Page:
The Truth about Asylum Seekers
A refugee is a person who is recognised by the government as having a fear of being persecuted in their country for reasons of….
Member of a group
Usually, when someone flees from their country and arrives in the UK they have to claim asylum in order to be granted refugee status. An Asylum Seeker is someone who is still waiting for the decision to be made as to whether they will be granted refugee status or not.
Asylum Seekers are not economic migrants coming to the UK through choice or to look for work. They are fleeing from grave danger in their home country, have often been tortured, imprisoned or threatened and experienced a great deal of trauma on their journey to the UK. Everyone has the right to seek asylum and contrary to what the media often report, there is no such thing as a bogus asylum seeker or an illegal asylum seeker.
In 2018 27, 044 people applied for asylum in the UK but only 14,308 were actually granted asylum. The nationalities with the largest number of asylum applications in 2018 were: Iranian, Pakistani, Iraqi, Sudanese, Bangladeshi.
When someone first arrives in the UK and claims asylum they are provided with support from the British government. They are given accommodation which may be anywhere in the UK plus £37.75 a week to live on. They do not have permission to work and receive around half of what a British citizen would be entitled to on benefits. If someone’s asylum claim is refused then their support is stopped and they are told they should make plans to return to their home country.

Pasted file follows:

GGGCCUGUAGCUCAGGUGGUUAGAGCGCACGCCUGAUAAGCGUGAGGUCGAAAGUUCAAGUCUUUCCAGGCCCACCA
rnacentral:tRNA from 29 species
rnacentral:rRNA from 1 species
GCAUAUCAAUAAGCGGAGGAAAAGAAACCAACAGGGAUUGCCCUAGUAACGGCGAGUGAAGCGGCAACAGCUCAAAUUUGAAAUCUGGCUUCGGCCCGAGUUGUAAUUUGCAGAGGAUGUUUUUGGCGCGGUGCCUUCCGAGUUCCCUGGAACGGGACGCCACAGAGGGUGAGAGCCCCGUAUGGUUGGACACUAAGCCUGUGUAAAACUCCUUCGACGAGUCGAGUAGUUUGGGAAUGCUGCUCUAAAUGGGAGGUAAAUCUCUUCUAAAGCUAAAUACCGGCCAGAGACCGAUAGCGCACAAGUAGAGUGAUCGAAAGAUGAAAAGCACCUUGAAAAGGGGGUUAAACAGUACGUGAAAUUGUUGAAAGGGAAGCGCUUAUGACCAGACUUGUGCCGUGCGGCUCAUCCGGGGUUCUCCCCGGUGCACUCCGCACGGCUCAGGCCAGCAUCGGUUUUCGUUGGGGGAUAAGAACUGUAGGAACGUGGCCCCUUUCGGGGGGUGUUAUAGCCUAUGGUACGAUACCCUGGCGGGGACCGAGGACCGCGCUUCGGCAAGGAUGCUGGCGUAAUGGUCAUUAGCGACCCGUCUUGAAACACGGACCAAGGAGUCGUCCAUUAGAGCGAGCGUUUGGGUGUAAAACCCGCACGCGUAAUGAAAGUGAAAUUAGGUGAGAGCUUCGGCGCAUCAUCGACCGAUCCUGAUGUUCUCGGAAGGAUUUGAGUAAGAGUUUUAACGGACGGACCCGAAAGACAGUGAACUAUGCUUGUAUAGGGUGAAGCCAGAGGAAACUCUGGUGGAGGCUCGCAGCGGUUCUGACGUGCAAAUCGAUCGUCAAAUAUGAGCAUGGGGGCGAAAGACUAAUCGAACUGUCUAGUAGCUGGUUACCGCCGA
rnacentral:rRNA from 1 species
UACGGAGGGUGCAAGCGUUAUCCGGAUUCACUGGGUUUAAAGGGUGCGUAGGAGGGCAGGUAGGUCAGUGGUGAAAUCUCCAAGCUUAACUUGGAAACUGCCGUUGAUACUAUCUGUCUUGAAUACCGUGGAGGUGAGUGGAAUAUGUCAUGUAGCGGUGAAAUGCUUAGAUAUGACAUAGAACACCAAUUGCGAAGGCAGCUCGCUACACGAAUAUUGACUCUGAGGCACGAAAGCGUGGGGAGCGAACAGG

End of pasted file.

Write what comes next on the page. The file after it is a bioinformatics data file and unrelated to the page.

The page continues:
Reasons for Refusal
A person’s asylum claim can be refused for many different reasons. A refusal does not necessarily mean that it is safe for someone to return to their home country. Someone may be refused because they do not have enough evidence to support their story or because there have been miscommunications during their interviews due to poor translation.
Over 25% of asylum refusals are overturned on appeal which shows that there are often errors made by the Home Office when they first review someone’s case. Once someone’s claim has been refused any support or benefits from the government are withdrawn, even though they have a right to appeal the decision and submit fresh evidence to support their claim.
Refused asylum seekers become trapped in destitution and cannot see a way to escape from this situation. Therefore, destitute asylum seekers are not here, ‘to take our houses, jobs and benefits’ because they have little or no access to such things. These people have ‘chosen’ destitution because they fear that their lives will be in danger if they are forced to return to their home countries. Exact figures for destitute asylum seekers are unknown as often people would rather remain invisible as they fear being deported.